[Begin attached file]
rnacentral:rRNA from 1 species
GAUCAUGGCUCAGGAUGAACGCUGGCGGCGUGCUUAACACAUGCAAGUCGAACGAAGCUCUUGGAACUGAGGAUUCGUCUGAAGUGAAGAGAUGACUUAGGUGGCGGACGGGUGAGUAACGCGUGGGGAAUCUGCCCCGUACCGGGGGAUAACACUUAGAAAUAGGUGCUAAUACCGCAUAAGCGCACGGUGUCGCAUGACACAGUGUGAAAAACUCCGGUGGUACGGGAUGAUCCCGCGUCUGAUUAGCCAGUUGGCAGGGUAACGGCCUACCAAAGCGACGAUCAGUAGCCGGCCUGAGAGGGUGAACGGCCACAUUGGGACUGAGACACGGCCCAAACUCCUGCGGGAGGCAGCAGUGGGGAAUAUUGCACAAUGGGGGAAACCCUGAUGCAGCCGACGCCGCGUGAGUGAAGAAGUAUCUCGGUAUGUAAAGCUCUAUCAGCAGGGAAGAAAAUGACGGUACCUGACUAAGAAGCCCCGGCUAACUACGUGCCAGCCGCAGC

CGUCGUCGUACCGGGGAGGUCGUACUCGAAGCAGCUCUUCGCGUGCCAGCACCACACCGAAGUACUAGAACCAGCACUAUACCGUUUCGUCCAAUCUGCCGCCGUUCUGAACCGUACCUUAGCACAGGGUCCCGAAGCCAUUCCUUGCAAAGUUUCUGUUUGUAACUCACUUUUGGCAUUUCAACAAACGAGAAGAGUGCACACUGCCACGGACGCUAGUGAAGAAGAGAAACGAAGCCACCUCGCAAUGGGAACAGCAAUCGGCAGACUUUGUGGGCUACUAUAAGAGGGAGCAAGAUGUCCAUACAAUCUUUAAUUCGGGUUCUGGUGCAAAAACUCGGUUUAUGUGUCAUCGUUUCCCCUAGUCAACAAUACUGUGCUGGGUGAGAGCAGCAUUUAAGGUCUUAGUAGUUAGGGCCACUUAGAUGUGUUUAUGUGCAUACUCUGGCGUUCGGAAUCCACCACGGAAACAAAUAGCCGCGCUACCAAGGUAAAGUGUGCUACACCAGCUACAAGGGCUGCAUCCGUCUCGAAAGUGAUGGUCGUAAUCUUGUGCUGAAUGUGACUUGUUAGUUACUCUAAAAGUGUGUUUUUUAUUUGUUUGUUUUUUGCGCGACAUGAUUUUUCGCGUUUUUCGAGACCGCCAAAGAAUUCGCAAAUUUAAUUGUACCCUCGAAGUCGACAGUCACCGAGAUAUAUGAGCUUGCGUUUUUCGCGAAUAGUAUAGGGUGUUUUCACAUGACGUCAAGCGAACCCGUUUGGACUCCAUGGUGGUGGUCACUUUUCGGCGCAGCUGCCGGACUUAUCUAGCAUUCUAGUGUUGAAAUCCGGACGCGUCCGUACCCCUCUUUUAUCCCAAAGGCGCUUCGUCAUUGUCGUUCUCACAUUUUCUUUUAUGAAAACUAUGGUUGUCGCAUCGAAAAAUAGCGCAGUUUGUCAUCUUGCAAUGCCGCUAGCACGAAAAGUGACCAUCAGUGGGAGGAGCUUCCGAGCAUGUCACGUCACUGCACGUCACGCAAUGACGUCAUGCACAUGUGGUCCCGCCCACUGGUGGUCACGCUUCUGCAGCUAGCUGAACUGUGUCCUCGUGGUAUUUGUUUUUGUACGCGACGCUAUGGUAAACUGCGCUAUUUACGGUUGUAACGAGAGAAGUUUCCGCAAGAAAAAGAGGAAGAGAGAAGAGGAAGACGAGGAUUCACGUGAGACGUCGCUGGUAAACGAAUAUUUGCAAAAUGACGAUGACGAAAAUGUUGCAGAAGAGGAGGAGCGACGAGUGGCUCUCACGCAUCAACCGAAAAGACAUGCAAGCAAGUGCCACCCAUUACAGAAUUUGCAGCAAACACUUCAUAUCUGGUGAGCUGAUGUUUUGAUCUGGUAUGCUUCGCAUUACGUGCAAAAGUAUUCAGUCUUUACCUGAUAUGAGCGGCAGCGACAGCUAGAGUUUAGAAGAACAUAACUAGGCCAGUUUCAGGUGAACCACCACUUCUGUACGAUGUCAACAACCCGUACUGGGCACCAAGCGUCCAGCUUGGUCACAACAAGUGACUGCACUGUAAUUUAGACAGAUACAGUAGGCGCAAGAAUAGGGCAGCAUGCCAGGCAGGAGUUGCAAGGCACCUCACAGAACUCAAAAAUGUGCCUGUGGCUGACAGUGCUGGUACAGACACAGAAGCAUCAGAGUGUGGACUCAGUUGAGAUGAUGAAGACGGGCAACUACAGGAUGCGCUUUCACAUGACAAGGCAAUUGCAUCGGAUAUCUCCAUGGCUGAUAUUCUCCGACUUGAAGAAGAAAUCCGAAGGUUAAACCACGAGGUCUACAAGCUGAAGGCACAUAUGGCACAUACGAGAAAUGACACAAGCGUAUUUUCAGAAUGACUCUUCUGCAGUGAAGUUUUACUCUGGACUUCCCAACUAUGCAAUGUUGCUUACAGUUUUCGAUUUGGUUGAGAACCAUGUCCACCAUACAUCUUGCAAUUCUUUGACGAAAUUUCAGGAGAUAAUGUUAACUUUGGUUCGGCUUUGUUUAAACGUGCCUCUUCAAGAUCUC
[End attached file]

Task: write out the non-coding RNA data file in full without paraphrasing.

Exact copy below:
rnacentral:rRNA from 1 species
GAUCAUGGCUCAGGAUGAACGCUGGCGGCGUGCUUAACACAUGCAAGUCGAACGAAGCUCUUGGAACUGAGGAUUCGUCUGAAGUGAAGAGAUGACUUAGGUGGCGGACGGGUGAGUAACGCGUGGGGAAUCUGCCCCGUACCGGGGGAUAACACUUAGAAAUAGGUGCUAAUACCGCAUAAGCGCACGGUGUCGCAUGACACAGUGUGAAAAACUCCGGUGGUACGGGAUGAUCCCGCGUCUGAUUAGCCAGUUGGCAGGGUAACGGCCUACCAAAGCGACGAUCAGUAGCCGGCCUGAGAGGGUGAACGGCCACAUUGGGACUGAGACACGGCCCAAACUCCUGCGGGAGGCAGCAGUGGGGAAUAUUGCACAAUGGGGGAAACCCUGAUGCAGCCGACGCCGCGUGAGUGAAGAAGUAUCUCGGUAUGUAAAGCUCUAUCAGCAGGGAAGAAAAUGACGGUACCUGACUAAGAAGCCCCGGCUAACUACGUGCCAGCCGCAGC

CGUCGUCGUACCGGGGAGGUCGUACUCGAAGCAGCUCUUCGCGUGCCAGCACCACACCGAAGUACUAGAACCAGCACUAUACCGUUUCGUCCAAUCUGCCGCCGUUCUGAACCGUACCUUAGCACAGGGUCCCGAAGCCAUUCCUUGCAAAGUUUCUGUUUGUAACUCACUUUUGGCAUUUCAACAAACGAGAAGAGUGCACACUGCCACGGACGCUAGUGAAGAAGAGAAACGAAGCCACCUCGCAAUGGGAACAGCAAUCGGCAGACUUUGUGGGCUACUAUAAGAGGGAGCAAGAUGUCCAUACAAUCUUUAAUUCGGGUUCUGGUGCAAAAACUCGGUUUAUGUGUCAUCGUUUCCCCUAGUCAACAAUACUGUGCUGGGUGAGAGCAGCAUUUAAGGUCUUAGUAGUUAGGGCCACUUAGAUGUGUUUAUGUGCAUACUCUGGCGUUCGGAAUCCACCACGGAAACAAAUAGCCGCGCUACCAAGGUAAAGUGUGCUACACCAGCUACAAGGGCUGCAUCCGUCUCGAAAGUGAUGGUCGUAAUCUUGUGCUGAAUGUGACUUGUUAGUUACUCUAAAAGUGUGUUUUUUAUUUGUUUGUUUUUUGCGCGACAUGAUUUUUCGCGUUUUUCGAGACCGCCAAAGAAUUCGCAAAUUUAAUUGUACCCUCGAAGUCGACAGUCACCGAGAUAUAUGAGCUUGCGUUUUUCGCGAAUAGUAUAGGGUGUUUUCACAUGACGUCAAGCGAACCCGUUUGGACUCCAUGGUGGUGGUCACUUUUCGGCGCAGCUGCCGGACUUAUCUAGCAUUCUAGUGUUGAAAUCCGGACGCGUCCGUACCCCUCUUUUAUCCCAAAGGCGCUUCGUCAUUGUCGUUCUCACAUUUUCUUUUAUGAAAACUAUGGUUGUCGCAUCGAAAAAUAGCGCAGUUUGUCAUCUUGCAAUGCCGCUAGCACGAAAAGUGACCAUCAGUGGGAGGAGCUUCCGAGCAUGUCACGUCACUGCACGUCACGCAAUGACGUCAUGCACAUGUGGUCCCGCCCACUGGUGGUCACGCUUCUGCAGCUAGCUGAACUGUGUCCUCGUGGUAUUUGUUUUUGUACGCGACGCUAUGGUAAACUGCGCUAUUUACGGUUGUAACGAGAGAAGUUUCCGCAAGAAAAAGAGGAAGAGAGAAGAGGAAGACGAGGAUUCACGUGAGACGUCGCUGGUAAACGAAUAUUUGCAAAAUGACGAUGACGAAAAUGUUGCAGAAGAGGAGGAGCGACGAGUGGCUCUCACGCAUCAACCGAAAAGACAUGCAAGCAAGUGCCACCCAUUACAGAAUUUGCAGCAAACACUUCAUAUCUGGUGAGCUGAUGUUUUGAUCUGGUAUGCUUCGCAUUACGUGCAAAAGUAUUCAGUCUUUACCUGAUAUGAGCGGCAGCGACAGCUAGAGUUUAGAAGAACAUAACUAGGCCAGUUUCAGGUGAACCACCACUUCUGUACGAUGUCAACAACCCGUACUGGGCACCAAGCGUCCAGCUUGGUCACAACAAGUGACUGCACUGUAAUUUAGACAGAUACAGUAGGCGCAAGAAUAGGGCAGCAUGCCAGGCAGGAGUUGCAAGGCACCUCACAGAACUCAAAAAUGUGCCUGUGGCUGACAGUGCUGGUACAGACACAGAAGCAUCAGAGUGUGGACUCAGUUGAGAUGAUGAAGACGGGCAACUACAGGAUGCGCUUUCACAUGACAAGGCAAUUGCAUCGGAUAUCUCCAUGGCUGAUAUUCUCCGACUUGAAGAAGAAAUCCGAAGGUUAAACCACGAGGUCUACAAGCUGAAGGCACAUAUGGCACAUACGAGAAAUGACACAAGCGUAUUUUCAGAAUGACUCUUCUGCAGUGAAGUUUUACUCUGGACUUCCCAACUAUGCAAUGUUGCUUACAGUUUUCGAUUUGGUUGAGAACCAUGUCCACCAUACAUCUUGCAAUUCUUUGACGAAAUUUCAGGAGAUAAUGUUAACUUUGGUUCGGCUUUGUUUAAACGUGCCUCUUCAAGAUCUC